Waiting to exhale

I finally got the call back from my mammogram. This wasn’t just any mammogram.. it was the first one post diagnosis.  I don’t recall ever having to wait more than a week for results before.  Usually my doctor would call in a day or two to say all is well (or not..in the case of last year’s) and then I would get the generic pink form letter from radiology confirming.  I knew that my doctor(s) got the results a week ago. Still, I hadn’t heard a peep from anyone.  I called the cancer center yesterday and left a message which was finally returned this morning.  All clear.  I was too happy to ask if it was common practice to make a breast cancer patient wait for results of her mammogram.  I know they are read the day of the test or the next day at the very latest.

No one on my team of medical experts has used  the words “cancer free” yet. Or even “no evidence of disease”.   Since these are the same people who had no problem making me hold my breath for over a week I’m going to assume they just don’t see the value in putting cancer patient’s minds at ease, so I’ll say it. Cancer Free!  

Just a quick post from sunny Texas!

Here on vacation with the boy and his missus who are awesome hosts as always.   The weather has been gorgeous! I was worried that my chemopause would make the heat unbearable but that hasn’t been the case.  It was only really hot one day and by evening was beautiful.  Apparently there is a Nor’Easter brewing at home. So sorry to be missing it.

I dutifully wore the compression sleeve while flying and had no problems at all. Maybe I wouldn’t have anyway, but why risk it? I’ll wear it on the flight home as well.

I am now able to cross one more thing off my bucket list. I got my tattoo on 6th Street in Austin on Monday.  I used a very scientific method to choose the parlor/artist. I picked the building with the friendliest looking storefront.  It was amazingly clean and bright.  I’m not sure what I expected but I felt like the whole process was more sterile than my medical treatment at times. The artist, David, was covered in tattoos and piercings (of course) as was the rest of the staff.  He was great, explaining every step, offering to stop if it hurt too much, and fast!  He sent me off with better skin care instructions than my radiation oncologist. Go figure! Just goes to show you should never judge someone by their choice of body art.  If you are ever in the Austin area, looking to get some ink (doesn’t that sound badass?) visit Affinity Tattoo and ask for David.  He won’t even question the fact that you are a 50 year old conservatively dressed woman with her husband and son along for support getting your first tat. No judgment.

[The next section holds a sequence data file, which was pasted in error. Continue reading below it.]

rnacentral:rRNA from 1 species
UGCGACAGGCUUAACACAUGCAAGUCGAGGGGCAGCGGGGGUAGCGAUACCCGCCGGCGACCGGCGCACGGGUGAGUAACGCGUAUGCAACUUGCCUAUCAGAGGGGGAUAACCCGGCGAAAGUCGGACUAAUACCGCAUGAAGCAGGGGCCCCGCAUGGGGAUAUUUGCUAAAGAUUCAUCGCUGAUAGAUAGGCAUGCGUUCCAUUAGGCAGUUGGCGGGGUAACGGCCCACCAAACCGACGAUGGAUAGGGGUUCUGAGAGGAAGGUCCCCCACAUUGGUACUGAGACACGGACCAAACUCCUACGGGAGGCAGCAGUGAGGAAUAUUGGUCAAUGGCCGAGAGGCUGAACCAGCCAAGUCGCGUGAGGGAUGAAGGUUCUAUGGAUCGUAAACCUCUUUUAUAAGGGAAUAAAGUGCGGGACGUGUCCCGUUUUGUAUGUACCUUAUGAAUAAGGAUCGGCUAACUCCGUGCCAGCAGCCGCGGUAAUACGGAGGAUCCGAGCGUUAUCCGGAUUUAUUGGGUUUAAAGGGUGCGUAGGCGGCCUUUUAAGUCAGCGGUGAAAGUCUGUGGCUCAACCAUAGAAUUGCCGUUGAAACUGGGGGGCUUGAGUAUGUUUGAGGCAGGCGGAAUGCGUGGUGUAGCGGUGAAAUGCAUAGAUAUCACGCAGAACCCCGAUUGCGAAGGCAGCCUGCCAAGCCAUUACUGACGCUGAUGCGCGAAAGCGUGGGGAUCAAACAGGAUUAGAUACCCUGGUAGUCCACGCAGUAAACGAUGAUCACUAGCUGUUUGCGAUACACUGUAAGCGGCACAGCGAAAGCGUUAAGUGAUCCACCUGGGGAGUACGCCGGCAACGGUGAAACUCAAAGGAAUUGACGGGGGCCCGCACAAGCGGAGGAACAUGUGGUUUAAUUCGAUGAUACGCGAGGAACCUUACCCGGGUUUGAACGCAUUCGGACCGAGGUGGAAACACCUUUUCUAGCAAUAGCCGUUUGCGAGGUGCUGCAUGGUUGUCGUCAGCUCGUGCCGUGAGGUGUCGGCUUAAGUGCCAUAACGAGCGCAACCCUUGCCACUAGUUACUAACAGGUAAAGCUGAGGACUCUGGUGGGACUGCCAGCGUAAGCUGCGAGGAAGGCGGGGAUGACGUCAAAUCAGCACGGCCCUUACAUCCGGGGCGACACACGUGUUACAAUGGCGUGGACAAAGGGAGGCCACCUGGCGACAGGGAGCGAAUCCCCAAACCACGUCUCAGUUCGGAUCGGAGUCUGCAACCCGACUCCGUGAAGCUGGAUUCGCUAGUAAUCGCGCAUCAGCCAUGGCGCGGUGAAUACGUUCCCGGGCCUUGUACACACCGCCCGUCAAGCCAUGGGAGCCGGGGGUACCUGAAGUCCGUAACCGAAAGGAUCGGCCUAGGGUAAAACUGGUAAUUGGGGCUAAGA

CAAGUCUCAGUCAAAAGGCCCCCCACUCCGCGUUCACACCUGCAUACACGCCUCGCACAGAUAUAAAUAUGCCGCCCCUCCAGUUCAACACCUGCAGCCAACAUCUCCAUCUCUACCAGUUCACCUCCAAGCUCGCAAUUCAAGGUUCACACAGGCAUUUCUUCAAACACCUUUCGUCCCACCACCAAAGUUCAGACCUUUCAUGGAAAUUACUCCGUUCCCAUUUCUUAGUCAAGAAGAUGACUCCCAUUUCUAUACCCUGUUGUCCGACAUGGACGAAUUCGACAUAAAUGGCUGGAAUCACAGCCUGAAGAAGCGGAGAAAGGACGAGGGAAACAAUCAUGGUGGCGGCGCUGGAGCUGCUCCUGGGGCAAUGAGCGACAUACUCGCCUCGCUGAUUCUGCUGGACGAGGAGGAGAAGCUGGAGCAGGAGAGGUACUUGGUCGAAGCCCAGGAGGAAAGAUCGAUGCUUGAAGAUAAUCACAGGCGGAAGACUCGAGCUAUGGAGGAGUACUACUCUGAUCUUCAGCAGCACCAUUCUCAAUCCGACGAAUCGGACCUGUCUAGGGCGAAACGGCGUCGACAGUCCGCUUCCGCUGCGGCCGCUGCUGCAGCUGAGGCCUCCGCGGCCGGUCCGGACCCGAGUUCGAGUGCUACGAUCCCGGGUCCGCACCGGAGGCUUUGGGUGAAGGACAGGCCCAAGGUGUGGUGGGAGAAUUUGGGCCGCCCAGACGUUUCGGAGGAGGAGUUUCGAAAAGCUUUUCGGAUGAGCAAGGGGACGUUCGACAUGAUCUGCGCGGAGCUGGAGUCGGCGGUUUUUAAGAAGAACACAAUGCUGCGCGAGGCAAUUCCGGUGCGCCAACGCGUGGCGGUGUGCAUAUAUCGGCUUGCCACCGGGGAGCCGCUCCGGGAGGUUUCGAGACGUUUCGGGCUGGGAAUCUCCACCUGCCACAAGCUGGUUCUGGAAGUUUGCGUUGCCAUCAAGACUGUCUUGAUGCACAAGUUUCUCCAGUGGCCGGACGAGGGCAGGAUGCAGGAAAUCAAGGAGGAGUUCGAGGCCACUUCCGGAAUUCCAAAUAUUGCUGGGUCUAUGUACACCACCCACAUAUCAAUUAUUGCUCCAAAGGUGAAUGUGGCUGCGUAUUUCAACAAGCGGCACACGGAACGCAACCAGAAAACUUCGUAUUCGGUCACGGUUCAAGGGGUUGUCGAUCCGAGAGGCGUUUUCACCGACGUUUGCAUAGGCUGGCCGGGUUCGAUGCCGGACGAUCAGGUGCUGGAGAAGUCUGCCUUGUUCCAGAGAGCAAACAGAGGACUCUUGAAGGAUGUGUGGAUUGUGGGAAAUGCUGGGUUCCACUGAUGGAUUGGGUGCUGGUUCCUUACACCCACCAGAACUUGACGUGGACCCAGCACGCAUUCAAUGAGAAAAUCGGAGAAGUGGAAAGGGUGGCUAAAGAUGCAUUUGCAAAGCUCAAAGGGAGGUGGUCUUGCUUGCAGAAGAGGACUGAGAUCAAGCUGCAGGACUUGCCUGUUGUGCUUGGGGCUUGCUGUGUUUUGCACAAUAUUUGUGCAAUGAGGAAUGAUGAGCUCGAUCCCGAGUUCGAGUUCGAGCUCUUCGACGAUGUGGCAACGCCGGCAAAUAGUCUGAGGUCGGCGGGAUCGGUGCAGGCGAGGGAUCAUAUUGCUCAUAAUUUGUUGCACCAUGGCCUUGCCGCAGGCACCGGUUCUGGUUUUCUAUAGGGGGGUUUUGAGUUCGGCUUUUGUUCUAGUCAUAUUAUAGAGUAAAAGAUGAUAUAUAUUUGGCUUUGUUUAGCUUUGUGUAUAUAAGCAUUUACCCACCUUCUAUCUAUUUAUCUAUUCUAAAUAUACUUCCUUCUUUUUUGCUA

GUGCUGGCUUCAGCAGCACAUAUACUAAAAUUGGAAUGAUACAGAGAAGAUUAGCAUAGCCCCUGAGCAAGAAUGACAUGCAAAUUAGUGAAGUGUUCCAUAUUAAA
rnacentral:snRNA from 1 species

p.s. it really didn’t hurt. It didn’t feel good, mind you, but I wouldn’t call it painful.  Maybe biopsies and endless needle sticks have desensitized me to pain or maybe I was just too excited to be getting the tattoo but it wasn’t bad at all!

As for the rest of the bucket list.. I’m working on it and while my bucket list isn’t all that long, my fuckit list grows daily.

Check out the chemo curls!  Still not long enough in the front to cut and style, but it’s getting there!

I went with the forget-me-nots. The skin looks angry and red, but that didn’t last long at all and it looks great now! Didn’t he do a great job?